2. Rona argues that “Even in contexts that clearly are war … our government applies an overly broad definition of the term ‘combatant.’” As a threshold matter, we note that it goes too far to suggest that there is as clearly an “established” understanding as Rona posits of what “combatant” means in the context of a non-international armed conflict with an organized armed group like al Qaeda or its associated forces. Beyond a general sense that “combatant” connotes individuals who are not “civilians” and vice versa, there are important areas that still lack consensus. Indeed, from our perspective, one of the major challenges in international law over the past fifteen years has been to try to flesh out a common perspective on these terms, at least among the United States and its like-minded partners, in the absence of a black letter definition. The ICRC’s study on Direct Participation in Hostilities made an important contribution to this discussion but can’t be relied upon as expressing the view of States on this matter. What’s more, the U.S. government’s involvement in efforts to find common ground with some of its closest partners yielded a range of views. While there is still work to be done in narrowing that range and in identifying the areas of overlapping agreement, the U.S. government has offered, in a number of places, the contours of its definition–including in Brian Egan’s speech to the American Society of International Law and the December framework report. The Department of Defense has also included its views on the subject in its Law of War Manual. We do not doubt that Rona may take issue with some of the elements laid out in these sources, which is perfectly fair, but we do think it important that any conversation about the merits of the U.S. government’s approach to combatancy look at these sources, and also acknowledge where there is a lack of consensus about the metes and bounds of related terminology under international law.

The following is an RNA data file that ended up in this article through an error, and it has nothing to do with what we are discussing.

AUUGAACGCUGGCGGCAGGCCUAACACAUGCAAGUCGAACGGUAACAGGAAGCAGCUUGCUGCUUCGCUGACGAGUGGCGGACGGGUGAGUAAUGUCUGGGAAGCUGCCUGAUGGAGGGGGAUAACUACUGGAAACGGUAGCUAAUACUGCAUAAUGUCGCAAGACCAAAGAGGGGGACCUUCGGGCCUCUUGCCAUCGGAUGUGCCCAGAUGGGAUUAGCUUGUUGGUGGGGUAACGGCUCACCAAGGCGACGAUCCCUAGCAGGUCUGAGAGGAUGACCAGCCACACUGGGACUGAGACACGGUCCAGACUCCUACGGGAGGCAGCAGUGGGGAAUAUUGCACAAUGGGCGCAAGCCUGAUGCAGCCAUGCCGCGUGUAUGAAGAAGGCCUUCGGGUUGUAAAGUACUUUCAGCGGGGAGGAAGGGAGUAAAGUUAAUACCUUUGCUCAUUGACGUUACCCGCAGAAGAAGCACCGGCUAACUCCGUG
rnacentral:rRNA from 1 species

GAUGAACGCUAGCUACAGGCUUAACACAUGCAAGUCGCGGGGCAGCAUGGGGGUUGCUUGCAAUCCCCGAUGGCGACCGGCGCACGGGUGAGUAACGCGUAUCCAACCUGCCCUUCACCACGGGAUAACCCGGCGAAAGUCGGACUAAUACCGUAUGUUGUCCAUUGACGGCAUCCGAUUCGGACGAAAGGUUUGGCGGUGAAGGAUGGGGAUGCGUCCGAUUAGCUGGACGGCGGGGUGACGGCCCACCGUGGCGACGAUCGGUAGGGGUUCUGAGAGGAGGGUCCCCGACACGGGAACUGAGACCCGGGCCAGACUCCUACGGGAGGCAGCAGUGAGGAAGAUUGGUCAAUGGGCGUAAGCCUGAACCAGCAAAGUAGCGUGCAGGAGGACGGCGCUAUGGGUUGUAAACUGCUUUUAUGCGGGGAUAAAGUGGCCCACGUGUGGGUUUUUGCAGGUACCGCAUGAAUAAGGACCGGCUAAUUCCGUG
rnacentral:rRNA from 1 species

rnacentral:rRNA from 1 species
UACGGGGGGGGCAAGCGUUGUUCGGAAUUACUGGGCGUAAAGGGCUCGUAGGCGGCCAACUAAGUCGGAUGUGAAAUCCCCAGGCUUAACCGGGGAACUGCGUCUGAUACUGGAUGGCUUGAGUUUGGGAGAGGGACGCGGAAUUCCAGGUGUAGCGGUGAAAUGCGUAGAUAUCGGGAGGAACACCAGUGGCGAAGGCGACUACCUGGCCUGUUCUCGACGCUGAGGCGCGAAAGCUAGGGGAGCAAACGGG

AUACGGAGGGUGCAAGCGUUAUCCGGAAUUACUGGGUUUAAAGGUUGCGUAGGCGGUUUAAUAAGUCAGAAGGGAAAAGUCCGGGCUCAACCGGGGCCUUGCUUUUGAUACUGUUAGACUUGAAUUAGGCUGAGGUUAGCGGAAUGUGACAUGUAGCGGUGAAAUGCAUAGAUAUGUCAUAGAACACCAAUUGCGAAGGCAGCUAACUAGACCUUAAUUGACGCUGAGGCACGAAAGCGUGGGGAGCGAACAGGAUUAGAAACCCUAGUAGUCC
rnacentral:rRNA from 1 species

3. Rona argues that, “The initial U.S. position [concerning the recent Yemen raid] was that there were no civilian casualties. While the government swiftly retreated from that claim, the fact that it made the claim at all speaks volumes.” We see it very differently. It is important to bear in mind that U.S. and partner militaries often find it hard, in the initial period following a strike, to confirm civilian casualties, even in cases where there has been extensive pre-strike surveillance (which we note is standard,). Often as not, this is because the relevant command either lacks sufficient post-strike information, or has not been able responsibly to analyze it. Perhaps the early denials of civilian casualties in the Yemen raid should have been caveated more explicitly. What is more important, though, is that the work to confirm the existence (or not) of civilian casualties continued, and that findings were made promptly public. While there is much in what has been reported about the Yemen raid that could be cause for concern, the way in which CENTCOM handled the disclosure of civilian casualties–pivoting quickly to acknowledge the fact (if not the number) of such casualties–does not strike us as rising to the top of that list. Indeed, commentators who have criticized the United States for lacking transparency in its targeting policy have lauded the speed and manner in which the Pentagon acknowledged civilian casualties in the Yemen raid.